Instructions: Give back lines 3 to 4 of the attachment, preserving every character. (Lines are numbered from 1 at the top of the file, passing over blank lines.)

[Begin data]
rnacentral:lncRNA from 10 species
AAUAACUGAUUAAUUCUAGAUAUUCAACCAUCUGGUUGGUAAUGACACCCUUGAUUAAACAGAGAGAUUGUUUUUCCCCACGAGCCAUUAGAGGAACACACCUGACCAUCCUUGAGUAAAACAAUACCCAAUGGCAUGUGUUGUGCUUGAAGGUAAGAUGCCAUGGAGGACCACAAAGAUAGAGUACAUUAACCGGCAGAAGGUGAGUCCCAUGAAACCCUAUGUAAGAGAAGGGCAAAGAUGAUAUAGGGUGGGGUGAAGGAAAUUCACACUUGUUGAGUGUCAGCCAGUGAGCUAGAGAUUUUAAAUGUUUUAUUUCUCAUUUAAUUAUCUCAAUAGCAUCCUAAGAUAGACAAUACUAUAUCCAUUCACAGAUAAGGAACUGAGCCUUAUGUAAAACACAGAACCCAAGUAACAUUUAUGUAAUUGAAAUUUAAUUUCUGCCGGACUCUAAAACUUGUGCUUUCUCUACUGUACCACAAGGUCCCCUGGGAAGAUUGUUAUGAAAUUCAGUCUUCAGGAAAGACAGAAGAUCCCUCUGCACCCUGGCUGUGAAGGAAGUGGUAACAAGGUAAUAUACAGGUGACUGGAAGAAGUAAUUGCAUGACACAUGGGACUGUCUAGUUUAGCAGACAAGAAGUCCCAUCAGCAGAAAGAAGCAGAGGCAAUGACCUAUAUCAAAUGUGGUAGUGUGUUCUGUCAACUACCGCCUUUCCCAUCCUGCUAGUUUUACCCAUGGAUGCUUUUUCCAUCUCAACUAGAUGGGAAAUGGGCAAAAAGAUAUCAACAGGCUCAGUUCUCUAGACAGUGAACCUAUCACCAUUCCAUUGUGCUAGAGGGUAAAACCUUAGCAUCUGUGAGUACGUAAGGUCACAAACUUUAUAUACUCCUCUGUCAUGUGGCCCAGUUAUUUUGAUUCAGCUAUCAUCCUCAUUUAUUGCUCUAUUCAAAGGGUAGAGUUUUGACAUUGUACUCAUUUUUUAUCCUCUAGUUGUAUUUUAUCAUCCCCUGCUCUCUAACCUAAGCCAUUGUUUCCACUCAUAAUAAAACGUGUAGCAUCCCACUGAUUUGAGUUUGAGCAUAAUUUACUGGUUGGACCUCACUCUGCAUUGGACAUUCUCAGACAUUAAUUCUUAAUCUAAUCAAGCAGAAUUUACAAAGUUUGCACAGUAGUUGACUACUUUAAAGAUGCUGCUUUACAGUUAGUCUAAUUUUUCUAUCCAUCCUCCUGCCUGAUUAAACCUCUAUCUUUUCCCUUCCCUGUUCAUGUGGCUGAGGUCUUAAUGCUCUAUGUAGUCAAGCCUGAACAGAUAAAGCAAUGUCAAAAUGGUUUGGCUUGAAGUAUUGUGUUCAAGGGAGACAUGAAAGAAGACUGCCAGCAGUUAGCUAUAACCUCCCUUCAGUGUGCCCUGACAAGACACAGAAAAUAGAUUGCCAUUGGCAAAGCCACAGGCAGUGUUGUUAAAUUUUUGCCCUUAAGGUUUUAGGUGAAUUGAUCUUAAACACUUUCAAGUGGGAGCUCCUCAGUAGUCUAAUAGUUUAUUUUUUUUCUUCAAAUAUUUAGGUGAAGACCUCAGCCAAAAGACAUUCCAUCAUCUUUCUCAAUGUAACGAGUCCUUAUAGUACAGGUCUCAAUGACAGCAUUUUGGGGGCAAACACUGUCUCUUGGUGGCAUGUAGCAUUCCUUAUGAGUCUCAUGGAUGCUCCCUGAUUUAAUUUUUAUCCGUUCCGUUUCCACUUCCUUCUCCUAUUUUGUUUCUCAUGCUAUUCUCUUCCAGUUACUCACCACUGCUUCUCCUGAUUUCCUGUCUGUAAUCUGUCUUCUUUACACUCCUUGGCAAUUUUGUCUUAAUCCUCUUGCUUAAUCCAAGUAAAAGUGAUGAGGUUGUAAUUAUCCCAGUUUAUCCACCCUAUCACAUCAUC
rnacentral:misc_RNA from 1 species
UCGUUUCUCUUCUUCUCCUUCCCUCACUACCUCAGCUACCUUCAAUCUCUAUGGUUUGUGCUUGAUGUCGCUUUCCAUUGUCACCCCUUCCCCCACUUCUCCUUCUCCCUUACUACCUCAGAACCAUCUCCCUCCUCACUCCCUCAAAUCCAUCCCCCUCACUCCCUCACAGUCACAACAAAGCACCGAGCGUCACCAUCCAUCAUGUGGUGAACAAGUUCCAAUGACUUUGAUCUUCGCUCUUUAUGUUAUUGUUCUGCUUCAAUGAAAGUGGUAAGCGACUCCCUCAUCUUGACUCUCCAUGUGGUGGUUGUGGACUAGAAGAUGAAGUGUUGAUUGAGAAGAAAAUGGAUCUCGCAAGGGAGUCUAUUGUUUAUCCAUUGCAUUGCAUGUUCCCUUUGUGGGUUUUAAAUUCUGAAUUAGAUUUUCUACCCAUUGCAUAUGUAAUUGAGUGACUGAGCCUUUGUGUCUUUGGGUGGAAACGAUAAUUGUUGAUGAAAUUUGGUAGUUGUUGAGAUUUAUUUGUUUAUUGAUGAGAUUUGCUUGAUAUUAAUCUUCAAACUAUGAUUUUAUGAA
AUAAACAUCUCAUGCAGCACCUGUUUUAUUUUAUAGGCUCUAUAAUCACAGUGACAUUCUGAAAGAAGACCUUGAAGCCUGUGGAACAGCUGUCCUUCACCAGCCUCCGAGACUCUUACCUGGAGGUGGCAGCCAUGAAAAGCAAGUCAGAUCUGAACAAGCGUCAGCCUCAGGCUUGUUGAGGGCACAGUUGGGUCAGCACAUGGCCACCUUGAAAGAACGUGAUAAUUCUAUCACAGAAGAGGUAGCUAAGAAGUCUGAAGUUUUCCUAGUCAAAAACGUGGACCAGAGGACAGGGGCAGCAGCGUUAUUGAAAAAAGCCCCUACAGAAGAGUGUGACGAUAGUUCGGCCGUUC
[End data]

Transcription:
rnacentral:misc_RNA from 1 species
UCGUUUCUCUUCUUCUCCUUCCCUCACUACCUCAGCUACCUUCAAUCUCUAUGGUUUGUGCUUGAUGUCGCUUUCCAUUGUCACCCCUUCCCCCACUUCUCCUUCUCCCUUACUACCUCAGAACCAUCUCCCUCCUCACUCCCUCAAAUCCAUCCCCCUCACUCCCUCACAGUCACAACAAAGCACCGAGCGUCACCAUCCAUCAUGUGGUGAACAAGUUCCAAUGACUUUGAUCUUCGCUCUUUAUGUUAUUGUUCUGCUUCAAUGAAAGUGGUAAGCGACUCCCUCAUCUUGACUCUCCAUGUGGUGGUUGUGGACUAGAAGAUGAAGUGUUGAUUGAGAAGAAAAUGGAUCUCGCAAGGGAGUCUAUUGUUUAUCCAUUGCAUUGCAUGUUCCCUUUGUGGGUUUUAAAUUCUGAAUUAGAUUUUCUACCCAUUGCAUAUGUAAUUGAGUGACUGAGCCUUUGUGUCUUUGGGUGGAAACGAUAAUUGUUGAUGAAAUUUGGUAGUUGUUGAGAUUUAUUUGUUUAUUGAUGAGAUUUGCUUGAUAUUAAUCUUCAAACUAUGAUUUUAUGAA